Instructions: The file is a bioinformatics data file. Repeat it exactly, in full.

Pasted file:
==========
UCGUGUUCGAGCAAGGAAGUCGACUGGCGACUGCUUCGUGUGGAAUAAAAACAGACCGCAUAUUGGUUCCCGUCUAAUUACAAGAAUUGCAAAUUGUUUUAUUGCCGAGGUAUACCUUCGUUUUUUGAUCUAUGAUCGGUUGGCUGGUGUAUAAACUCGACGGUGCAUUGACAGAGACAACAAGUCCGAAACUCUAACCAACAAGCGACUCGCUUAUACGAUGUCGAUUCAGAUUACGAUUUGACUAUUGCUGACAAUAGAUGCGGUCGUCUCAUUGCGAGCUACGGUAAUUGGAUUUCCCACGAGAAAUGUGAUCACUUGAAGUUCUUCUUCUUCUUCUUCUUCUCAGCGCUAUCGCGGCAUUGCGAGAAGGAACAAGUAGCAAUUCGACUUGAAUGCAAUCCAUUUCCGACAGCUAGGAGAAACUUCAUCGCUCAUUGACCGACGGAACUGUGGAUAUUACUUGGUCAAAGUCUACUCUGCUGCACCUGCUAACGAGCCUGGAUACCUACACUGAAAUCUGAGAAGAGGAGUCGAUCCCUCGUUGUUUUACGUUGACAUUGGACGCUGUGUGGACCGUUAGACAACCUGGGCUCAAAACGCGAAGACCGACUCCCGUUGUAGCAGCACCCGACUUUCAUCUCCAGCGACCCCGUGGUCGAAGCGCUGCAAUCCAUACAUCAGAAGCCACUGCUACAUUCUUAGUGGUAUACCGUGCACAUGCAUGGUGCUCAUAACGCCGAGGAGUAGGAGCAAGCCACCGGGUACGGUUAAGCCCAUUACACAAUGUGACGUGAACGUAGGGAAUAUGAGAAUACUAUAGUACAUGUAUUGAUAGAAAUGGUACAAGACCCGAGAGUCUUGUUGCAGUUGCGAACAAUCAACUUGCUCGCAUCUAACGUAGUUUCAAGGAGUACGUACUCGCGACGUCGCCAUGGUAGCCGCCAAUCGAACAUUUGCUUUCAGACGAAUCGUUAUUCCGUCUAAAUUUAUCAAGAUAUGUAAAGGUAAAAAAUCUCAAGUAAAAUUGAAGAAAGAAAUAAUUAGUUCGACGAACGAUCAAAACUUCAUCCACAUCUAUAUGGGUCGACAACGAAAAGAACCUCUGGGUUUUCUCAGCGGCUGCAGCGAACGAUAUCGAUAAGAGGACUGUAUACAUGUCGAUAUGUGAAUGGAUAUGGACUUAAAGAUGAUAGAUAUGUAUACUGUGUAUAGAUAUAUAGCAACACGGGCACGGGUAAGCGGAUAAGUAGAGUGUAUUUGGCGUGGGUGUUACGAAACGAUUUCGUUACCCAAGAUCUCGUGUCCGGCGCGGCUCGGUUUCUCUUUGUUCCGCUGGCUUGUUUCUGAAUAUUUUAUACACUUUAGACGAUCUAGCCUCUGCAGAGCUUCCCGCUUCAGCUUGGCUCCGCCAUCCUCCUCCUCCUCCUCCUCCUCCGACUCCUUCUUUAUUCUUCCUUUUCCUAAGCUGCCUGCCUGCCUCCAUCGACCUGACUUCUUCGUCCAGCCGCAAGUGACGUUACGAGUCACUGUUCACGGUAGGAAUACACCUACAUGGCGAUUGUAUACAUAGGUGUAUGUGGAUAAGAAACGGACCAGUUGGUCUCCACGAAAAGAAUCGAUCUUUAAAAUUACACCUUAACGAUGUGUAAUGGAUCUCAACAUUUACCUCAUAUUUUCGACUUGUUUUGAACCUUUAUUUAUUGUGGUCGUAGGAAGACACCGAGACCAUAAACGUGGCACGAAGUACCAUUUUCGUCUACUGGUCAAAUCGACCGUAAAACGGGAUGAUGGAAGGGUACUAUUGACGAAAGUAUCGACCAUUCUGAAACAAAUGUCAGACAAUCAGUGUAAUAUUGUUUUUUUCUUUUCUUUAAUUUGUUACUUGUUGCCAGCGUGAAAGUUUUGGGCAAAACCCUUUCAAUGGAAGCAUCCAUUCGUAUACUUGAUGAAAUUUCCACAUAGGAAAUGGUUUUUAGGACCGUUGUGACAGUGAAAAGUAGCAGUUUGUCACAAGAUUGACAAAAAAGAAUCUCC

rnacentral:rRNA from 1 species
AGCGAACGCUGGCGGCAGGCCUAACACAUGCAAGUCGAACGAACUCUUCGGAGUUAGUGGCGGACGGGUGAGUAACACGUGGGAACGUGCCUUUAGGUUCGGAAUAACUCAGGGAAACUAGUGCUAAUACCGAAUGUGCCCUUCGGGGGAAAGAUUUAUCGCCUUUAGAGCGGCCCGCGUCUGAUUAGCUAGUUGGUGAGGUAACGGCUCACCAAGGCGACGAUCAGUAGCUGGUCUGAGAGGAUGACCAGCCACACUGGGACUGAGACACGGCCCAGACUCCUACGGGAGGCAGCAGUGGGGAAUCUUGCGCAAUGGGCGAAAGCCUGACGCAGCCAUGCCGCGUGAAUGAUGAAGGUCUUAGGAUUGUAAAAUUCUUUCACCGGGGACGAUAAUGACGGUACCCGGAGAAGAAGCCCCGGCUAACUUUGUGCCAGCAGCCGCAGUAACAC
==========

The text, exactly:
UCGUGUUCGAGCAAGGAAGUCGACUGGCGACUGCUUCGUGUGGAAUAAAAACAGACCGCAUAUUGGUUCCCGUCUAAUUACAAGAAUUGCAAAUUGUUUUAUUGCCGAGGUAUACCUUCGUUUUUUGAUCUAUGAUCGGUUGGCUGGUGUAUAAACUCGACGGUGCAUUGACAGAGACAACAAGUCCGAAACUCUAACCAACAAGCGACUCGCUUAUACGAUGUCGAUUCAGAUUACGAUUUGACUAUUGCUGACAAUAGAUGCGGUCGUCUCAUUGCGAGCUACGGUAAUUGGAUUUCCCACGAGAAAUGUGAUCACUUGAAGUUCUUCUUCUUCUUCUUCUUCUCAGCGCUAUCGCGGCAUUGCGAGAAGGAACAAGUAGCAAUUCGACUUGAAUGCAAUCCAUUUCCGACAGCUAGGAGAAACUUCAUCGCUCAUUGACCGACGGAACUGUGGAUAUUACUUGGUCAAAGUCUACUCUGCUGCACCUGCUAACGAGCCUGGAUACCUACACUGAAAUCUGAGAAGAGGAGUCGAUCCCUCGUUGUUUUACGUUGACAUUGGACGCUGUGUGGACCGUUAGACAACCUGGGCUCAAAACGCGAAGACCGACUCCCGUUGUAGCAGCACCCGACUUUCAUCUCCAGCGACCCCGUGGUCGAAGCGCUGCAAUCCAUACAUCAGAAGCCACUGCUACAUUCUUAGUGGUAUACCGUGCACAUGCAUGGUGCUCAUAACGCCGAGGAGUAGGAGCAAGCCACCGGGUACGGUUAAGCCCAUUACACAAUGUGACGUGAACGUAGGGAAUAUGAGAAUACUAUAGUACAUGUAUUGAUAGAAAUGGUACAAGACCCGAGAGUCUUGUUGCAGUUGCGAACAAUCAACUUGCUCGCAUCUAACGUAGUUUCAAGGAGUACGUACUCGCGACGUCGCCAUGGUAGCCGCCAAUCGAACAUUUGCUUUCAGACGAAUCGUUAUUCCGUCUAAAUUUAUCAAGAUAUGUAAAGGUAAAAAAUCUCAAGUAAAAUUGAAGAAAGAAAUAAUUAGUUCGACGAACGAUCAAAACUUCAUCCACAUCUAUAUGGGUCGACAACGAAAAGAACCUCUGGGUUUUCUCAGCGGCUGCAGCGAACGAUAUCGAUAAGAGGACUGUAUACAUGUCGAUAUGUGAAUGGAUAUGGACUUAAAGAUGAUAGAUAUGUAUACUGUGUAUAGAUAUAUAGCAACACGGGCACGGGUAAGCGGAUAAGUAGAGUGUAUUUGGCGUGGGUGUUACGAAACGAUUUCGUUACCCAAGAUCUCGUGUCCGGCGCGGCUCGGUUUCUCUUUGUUCCGCUGGCUUGUUUCUGAAUAUUUUAUACACUUUAGACGAUCUAGCCUCUGCAGAGCUUCCCGCUUCAGCUUGGCUCCGCCAUCCUCCUCCUCCUCCUCCUCCUCCGACUCCUUCUUUAUUCUUCCUUUUCCUAAGCUGCCUGCCUGCCUCCAUCGACCUGACUUCUUCGUCCAGCCGCAAGUGACGUUACGAGUCACUGUUCACGGUAGGAAUACACCUACAUGGCGAUUGUAUACAUAGGUGUAUGUGGAUAAGAAACGGACCAGUUGGUCUCCACGAAAAGAAUCGAUCUUUAAAAUUACACCUUAACGAUGUGUAAUGGAUCUCAACAUUUACCUCAUAUUUUCGACUUGUUUUGAACCUUUAUUUAUUGUGGUCGUAGGAAGACACCGAGACCAUAAACGUGGCACGAAGUACCAUUUUCGUCUACUGGUCAAAUCGACCGUAAAACGGGAUGAUGGAAGGGUACUAUUGACGAAAGUAUCGACCAUUCUGAAACAAAUGUCAGACAAUCAGUGUAAUAUUGUUUUUUUCUUUUCUUUAAUUUGUUACUUGUUGCCAGCGUGAAAGUUUUGGGCAAAACCCUUUCAAUGGAAGCAUCCAUUCGUAUACUUGAUGAAAUUUCCACAUAGGAAAUGGUUUUUAGGACCGUUGUGACAGUGAAAAGUAGCAGUUUGUCACAAGAUUGACAAAAAAGAAUCUCC

rnacentral:rRNA from 1 species
AGCGAACGCUGGCGGCAGGCCUAACACAUGCAAGUCGAACGAACUCUUCGGAGUUAGUGGCGGACGGGUGAGUAACACGUGGGAACGUGCCUUUAGGUUCGGAAUAACUCAGGGAAACUAGUGCUAAUACCGAAUGUGCCCUUCGGGGGAAAGAUUUAUCGCCUUUAGAGCGGCCCGCGUCUGAUUAGCUAGUUGGUGAGGUAACGGCUCACCAAGGCGACGAUCAGUAGCUGGUCUGAGAGGAUGACCAGCCACACUGGGACUGAGACACGGCCCAGACUCCUACGGGAGGCAGCAGUGGGGAAUCUUGCGCAAUGGGCGAAAGCCUGACGCAGCCAUGCCGCGUGAAUGAUGAAGGUCUUAGGAUUGUAAAAUUCUUUCACCGGGGACGAUAAUGACGGUACCCGGAGAAGAAGCCCCGGCUAACUUUGUGCCAGCAGCCGCAGUAACAC